Wednesday, July 28, 2010

BATTLE OF AMMUNITION HILL

This is so heroic I HAVE to post it . . . from DoubleTapper . . . via Theo Spark's Last of the Few . . .

Throughout history, the Jewish People has maintained a presence in Jerusalem, ever since King David established the city as his capital nearly 3,000 years ago. Except for a very few periods, when they were forcibly barred from living in the city by foreign conquerors, Jews have always lived in Jerusalem. Throughout millennia, and in the face of conquest, forced exile, violence and discrimination, Jews have maintained their direct link to Jerusalem, returning to live in their city again and again.

Between 1949 and 1967, while Jerusalem was divided between Israel and Jordan, there was an Israeli enclave about a mile to the east of the border, in the Jordanian section. This was Mount Scopus, with the campus of the Hebrew university and Haddassh hospital. There was an agreement whereby every two weeks 200 Israelis would cross Jordanian territory to the enclave, and sit there until the next group replaced them two weeks later.

Throughout the whole period everyone knew that sooner or later the war would resume, and that when that happened Israel would try to reconnect the mountain with the city. To prevent this the Jordanians built a series of fortifications in that mile, and its centerpiece was Ammunition Hill, an apt name borrowed from the days after the British conquered the city in 1917 and General Allenby stored his army's ammunition there.



Map of Battle of Ammunition Hill:




On the night between June 5th and 6th 1967 the IDF paratroopers, backed by a few tanks, made their attack, directly on the Jordanian fortifications. The battle on Ammunition Hill raged from...

Read more on the amazing Battle of Ammunition Hill, and a ballad; on DoubleTapper


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2 comments:

  1. If there is an explicit biblical explanation for this animosity, it goes all the way back to Abraham. The Jews are descendants of Abraham’s son Isaac. The Arabs are descendants of Abraham’s son Ishmael. With Ishmael being the son of a slave woman (Genesis 16:1-16) and Isaac being the promised son who would inherit the blessings of Abraham (Genesis 21:1-3), obviously there would be some animosity between the two sons. As a result of Ishmael’s mocking Isaac (Genesis 21:9), Sarah talked Abraham into sending Hagar and Ishmael away (Genesis 21:11-21). Likely, this caused even more contempt in Ishmael’s heart towards Isaac. An angel prophesied to Hagar that Ishmael would “live in hostility toward all his brothers” (Genesis 16:11-12).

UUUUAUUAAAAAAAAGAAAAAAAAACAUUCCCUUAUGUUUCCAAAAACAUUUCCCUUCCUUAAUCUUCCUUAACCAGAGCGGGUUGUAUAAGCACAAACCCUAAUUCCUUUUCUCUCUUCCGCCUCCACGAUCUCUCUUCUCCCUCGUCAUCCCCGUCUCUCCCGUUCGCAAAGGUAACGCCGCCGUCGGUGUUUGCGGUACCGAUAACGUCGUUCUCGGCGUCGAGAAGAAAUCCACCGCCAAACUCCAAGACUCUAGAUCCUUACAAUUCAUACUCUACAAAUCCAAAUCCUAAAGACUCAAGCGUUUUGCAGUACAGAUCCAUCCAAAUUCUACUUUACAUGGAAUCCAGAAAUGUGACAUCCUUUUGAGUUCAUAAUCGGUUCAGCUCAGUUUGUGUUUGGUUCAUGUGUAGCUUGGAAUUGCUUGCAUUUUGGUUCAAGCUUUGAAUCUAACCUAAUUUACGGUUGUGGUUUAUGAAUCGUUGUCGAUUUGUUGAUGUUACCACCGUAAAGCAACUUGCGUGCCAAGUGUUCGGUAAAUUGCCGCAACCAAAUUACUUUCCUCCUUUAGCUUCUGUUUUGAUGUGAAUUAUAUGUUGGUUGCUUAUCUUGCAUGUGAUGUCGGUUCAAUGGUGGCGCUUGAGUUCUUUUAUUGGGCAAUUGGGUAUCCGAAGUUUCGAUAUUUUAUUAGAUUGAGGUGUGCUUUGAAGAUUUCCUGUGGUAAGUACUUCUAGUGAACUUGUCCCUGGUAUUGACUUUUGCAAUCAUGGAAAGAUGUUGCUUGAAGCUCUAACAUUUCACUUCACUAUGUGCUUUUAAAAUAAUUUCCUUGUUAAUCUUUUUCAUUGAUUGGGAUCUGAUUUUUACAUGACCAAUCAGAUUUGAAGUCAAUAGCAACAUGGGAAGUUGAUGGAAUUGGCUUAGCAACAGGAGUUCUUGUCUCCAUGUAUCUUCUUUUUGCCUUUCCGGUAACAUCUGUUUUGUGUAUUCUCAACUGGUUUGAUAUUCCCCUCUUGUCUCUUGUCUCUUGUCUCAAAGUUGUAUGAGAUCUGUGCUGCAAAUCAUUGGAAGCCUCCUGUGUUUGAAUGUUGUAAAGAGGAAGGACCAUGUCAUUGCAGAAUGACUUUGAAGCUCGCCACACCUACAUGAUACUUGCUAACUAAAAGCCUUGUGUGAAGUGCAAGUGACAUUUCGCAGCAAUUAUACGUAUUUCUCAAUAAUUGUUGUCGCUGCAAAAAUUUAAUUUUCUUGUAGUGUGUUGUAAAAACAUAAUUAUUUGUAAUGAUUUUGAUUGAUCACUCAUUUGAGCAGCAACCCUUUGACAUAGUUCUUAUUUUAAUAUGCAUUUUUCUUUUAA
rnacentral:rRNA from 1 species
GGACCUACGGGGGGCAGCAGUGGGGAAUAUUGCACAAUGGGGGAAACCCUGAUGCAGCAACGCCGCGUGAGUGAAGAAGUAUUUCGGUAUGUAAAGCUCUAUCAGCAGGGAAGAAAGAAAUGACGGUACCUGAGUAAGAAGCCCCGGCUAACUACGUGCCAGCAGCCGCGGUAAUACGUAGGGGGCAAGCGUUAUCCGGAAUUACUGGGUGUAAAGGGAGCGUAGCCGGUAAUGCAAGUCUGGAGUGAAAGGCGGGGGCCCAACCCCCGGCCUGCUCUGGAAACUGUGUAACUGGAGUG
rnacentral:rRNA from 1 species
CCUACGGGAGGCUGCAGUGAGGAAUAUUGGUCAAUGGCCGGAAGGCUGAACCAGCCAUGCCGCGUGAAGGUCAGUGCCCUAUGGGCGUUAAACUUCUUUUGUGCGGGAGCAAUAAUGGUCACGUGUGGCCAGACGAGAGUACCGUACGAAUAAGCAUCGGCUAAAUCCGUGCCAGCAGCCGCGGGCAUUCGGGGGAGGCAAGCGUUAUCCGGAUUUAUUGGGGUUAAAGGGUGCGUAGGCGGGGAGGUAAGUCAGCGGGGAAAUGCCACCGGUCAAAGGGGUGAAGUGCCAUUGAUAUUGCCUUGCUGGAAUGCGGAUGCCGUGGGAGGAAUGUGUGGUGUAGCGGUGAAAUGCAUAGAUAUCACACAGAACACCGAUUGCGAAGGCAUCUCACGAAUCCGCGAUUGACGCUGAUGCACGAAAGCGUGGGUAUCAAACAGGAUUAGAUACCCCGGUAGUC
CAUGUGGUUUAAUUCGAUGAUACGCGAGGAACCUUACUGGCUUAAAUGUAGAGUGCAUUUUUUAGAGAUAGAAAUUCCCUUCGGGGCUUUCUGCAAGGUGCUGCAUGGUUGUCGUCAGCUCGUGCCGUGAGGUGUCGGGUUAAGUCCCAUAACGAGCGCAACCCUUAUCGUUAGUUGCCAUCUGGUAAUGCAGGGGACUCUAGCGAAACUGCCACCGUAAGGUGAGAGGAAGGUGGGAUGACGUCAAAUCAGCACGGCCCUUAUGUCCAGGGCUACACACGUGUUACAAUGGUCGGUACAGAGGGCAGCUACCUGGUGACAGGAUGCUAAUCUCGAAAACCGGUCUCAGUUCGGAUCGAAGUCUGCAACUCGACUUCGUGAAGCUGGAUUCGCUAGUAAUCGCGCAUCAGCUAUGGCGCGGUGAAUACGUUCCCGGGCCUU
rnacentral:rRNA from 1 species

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  2. However, the ancient root of bitterness between Isaac and Ishmael does not explain all of the hostility between Jews and Arabs today. In fact, for thousands of years of Middle Eastern history, Jews and Arabs lived in relative peace and indifference towards each other. The primary cause of the hostility has a modern origin. After World War II, when the United Nations gave a portion of the land of Israel to the Jewish people, the land was at that time primarily inhabited by Arabs (the Palestinians). Most Arabs protested vehemently against the nation of Israel occupying that land. Arab nations united and attacked Israel in an attempt to drive them out of the land, but they were defeated. Ever since, there has been great hostility between Israel and its Arab neighbors. Israel exists on one tiny piece of land surrounded by much larger Arab nations such as Jordan, Syria, Saudi Arabia, Iraq, and Egypt. It is our viewpoint that, biblically speaking, Israel has a right to exist as a nation in its own land that God gave to the descendants of Jacob, grandson of Abraham. At the same time, we strongly believe that Israel should seek peace and display respect for its Arab neighbors. Psalm 122:6 declares, “Pray for the peace of Jerusalem: May those who love you be secure.”

    Recommended Resource: Understanding the Arab-Israeli Conflict: What the Headlines Haven't Told You, Revised and Updated, by Michael Rydelnik.

    source: www.gotquestions.org

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